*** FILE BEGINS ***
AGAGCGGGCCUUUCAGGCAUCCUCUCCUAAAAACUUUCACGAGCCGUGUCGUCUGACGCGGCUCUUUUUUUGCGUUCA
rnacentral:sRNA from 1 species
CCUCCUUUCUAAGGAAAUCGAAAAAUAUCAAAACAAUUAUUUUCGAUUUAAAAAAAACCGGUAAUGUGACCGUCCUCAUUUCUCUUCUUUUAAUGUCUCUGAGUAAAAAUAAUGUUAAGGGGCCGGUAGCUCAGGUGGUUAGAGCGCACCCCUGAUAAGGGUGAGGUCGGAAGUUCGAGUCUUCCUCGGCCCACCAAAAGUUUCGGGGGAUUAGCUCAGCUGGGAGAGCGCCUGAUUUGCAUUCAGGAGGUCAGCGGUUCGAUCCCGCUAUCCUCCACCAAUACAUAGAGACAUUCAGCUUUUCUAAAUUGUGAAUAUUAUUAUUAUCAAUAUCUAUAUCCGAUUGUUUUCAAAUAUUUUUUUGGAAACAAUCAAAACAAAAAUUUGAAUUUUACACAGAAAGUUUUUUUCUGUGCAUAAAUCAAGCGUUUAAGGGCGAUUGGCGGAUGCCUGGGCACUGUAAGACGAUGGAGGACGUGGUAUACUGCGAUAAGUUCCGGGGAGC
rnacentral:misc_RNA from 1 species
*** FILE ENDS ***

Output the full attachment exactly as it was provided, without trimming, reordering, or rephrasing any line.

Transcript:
AGAGCGGGCCUUUCAGGCAUCCUCUCCUAAAAACUUUCACGAGCCGUGUCGUCUGACGCGGCUCUUUUUUUGCGUUCA
rnacentral:sRNA from 1 species
CCUCCUUUCUAAGGAAAUCGAAAAAUAUCAAAACAAUUAUUUUCGAUUUAAAAAAAACCGGUAAUGUGACCGUCCUCAUUUCUCUUCUUUUAAUGUCUCUGAGUAAAAAUAAUGUUAAGGGGCCGGUAGCUCAGGUGGUUAGAGCGCACCCCUGAUAAGGGUGAGGUCGGAAGUUCGAGUCUUCCUCGGCCCACCAAAAGUUUCGGGGGAUUAGCUCAGCUGGGAGAGCGCCUGAUUUGCAUUCAGGAGGUCAGCGGUUCGAUCCCGCUAUCCUCCACCAAUACAUAGAGACAUUCAGCUUUUCUAAAUUGUGAAUAUUAUUAUUAUCAAUAUCUAUAUCCGAUUGUUUUCAAAUAUUUUUUUGGAAACAAUCAAAACAAAAAUUUGAAUUUUACACAGAAAGUUUUUUUCUGUGCAUAAAUCAAGCGUUUAAGGGCGAUUGGCGGAUGCCUGGGCACUGUAAGACGAUGGAGGACGUGGUAUACUGCGAUAAGUUCCGGGGAGC
rnacentral:misc_RNA from 1 species